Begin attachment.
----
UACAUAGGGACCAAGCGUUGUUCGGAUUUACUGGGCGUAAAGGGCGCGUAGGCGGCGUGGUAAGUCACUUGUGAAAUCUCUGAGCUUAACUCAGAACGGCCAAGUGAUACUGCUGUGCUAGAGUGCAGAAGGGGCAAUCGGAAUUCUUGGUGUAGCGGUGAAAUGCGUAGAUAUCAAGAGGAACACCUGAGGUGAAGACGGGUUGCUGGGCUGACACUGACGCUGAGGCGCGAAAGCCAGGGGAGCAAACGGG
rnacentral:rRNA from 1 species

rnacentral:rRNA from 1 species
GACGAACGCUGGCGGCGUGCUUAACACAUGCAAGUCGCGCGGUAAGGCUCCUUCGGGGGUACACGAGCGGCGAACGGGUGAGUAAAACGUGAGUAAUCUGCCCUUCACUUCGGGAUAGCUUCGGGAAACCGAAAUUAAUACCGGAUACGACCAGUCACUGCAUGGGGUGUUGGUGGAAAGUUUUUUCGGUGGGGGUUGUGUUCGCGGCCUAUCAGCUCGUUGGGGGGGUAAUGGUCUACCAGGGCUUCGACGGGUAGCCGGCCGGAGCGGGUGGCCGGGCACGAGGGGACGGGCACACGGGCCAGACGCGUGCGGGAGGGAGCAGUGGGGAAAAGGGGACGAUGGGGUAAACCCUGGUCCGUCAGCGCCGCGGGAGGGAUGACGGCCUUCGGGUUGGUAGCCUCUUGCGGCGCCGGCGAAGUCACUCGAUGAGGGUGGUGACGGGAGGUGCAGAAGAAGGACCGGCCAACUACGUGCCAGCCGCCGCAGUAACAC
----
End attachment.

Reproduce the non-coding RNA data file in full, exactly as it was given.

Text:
UACAUAGGGACCAAGCGUUGUUCGGAUUUACUGGGCGUAAAGGGCGCGUAGGCGGCGUGGUAAGUCACUUGUGAAAUCUCUGAGCUUAACUCAGAACGGCCAAGUGAUACUGCUGUGCUAGAGUGCAGAAGGGGCAAUCGGAAUUCUUGGUGUAGCGGUGAAAUGCGUAGAUAUCAAGAGGAACACCUGAGGUGAAGACGGGUUGCUGGGCUGACACUGACGCUGAGGCGCGAAAGCCAGGGGAGCAAACGGG
rnacentral:rRNA from 1 species

rnacentral:rRNA from 1 species
GACGAACGCUGGCGGCGUGCUUAACACAUGCAAGUCGCGCGGUAAGGCUCCUUCGGGGGUACACGAGCGGCGAACGGGUGAGUAAAACGUGAGUAAUCUGCCCUUCACUUCGGGAUAGCUUCGGGAAACCGAAAUUAAUACCGGAUACGACCAGUCACUGCAUGGGGUGUUGGUGGAAAGUUUUUUCGGUGGGGGUUGUGUUCGCGGCCUAUCAGCUCGUUGGGGGGGUAAUGGUCUACCAGGGCUUCGACGGGUAGCCGGCCGGAGCGGGUGGCCGGGCACGAGGGGACGGGCACACGGGCCAGACGCGUGCGGGAGGGAGCAGUGGGGAAAAGGGGACGAUGGGGUAAACCCUGGUCCGUCAGCGCCGCGGGAGGGAUGACGGCCUUCGGGUUGGUAGCCUCUUGCGGCGCCGGCGAAGUCACUCGAUGAGGGUGGUGACGGGAGGUGCAGAAGAAGGACCGGCCAACUACGUGCCAGCCGCCGCAGUAACAC